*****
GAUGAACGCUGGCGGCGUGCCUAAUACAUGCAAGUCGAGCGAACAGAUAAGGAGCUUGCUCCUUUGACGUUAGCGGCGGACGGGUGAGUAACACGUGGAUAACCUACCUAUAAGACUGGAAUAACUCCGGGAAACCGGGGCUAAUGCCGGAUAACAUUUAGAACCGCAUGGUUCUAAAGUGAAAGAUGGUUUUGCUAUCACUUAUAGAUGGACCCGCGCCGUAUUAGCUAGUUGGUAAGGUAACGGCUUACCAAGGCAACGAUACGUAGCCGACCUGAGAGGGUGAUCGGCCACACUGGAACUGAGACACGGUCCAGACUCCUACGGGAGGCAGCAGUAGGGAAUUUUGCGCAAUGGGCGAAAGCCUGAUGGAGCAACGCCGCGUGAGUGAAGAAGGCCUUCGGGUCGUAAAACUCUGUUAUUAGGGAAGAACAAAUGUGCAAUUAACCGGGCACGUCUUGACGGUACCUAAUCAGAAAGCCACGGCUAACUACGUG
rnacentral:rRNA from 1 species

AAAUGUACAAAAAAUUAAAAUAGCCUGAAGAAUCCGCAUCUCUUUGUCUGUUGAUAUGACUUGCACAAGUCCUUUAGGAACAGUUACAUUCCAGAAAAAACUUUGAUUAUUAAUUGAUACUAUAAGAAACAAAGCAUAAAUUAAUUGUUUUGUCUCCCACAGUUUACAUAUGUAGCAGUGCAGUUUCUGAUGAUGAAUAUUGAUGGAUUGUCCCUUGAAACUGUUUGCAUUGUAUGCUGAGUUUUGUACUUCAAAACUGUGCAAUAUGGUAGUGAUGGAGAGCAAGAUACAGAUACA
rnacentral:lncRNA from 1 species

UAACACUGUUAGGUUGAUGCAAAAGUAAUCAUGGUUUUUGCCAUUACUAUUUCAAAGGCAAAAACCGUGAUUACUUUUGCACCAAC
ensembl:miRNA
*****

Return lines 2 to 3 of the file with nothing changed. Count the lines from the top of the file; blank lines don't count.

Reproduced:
rnacentral:rRNA from 1 species

AAAUGUACAAAAAAUUAAAAUAGCCUGAAGAAUCCGCAUCUCUUUGUCUGUUGAUAUGACUUGCACAAGUCCUUUAGGAACAGUUACAUUCCAGAAAAAACUUUGAUUAUUAAUUGAUACUAUAAGAAACAAAGCAUAAAUUAAUUGUUUUGUCUCCCACAGUUUACAUAUGUAGCAGUGCAGUUUCUGAUGAUGAAUAUUGAUGGAUUGUCCCUUGAAACUGUUUGCAUUGUAUGCUGAGUUUUGUACUUCAAAACUGUGCAAUAUGGUAGUGAUGGAGAGCAAGAUACAGAUACA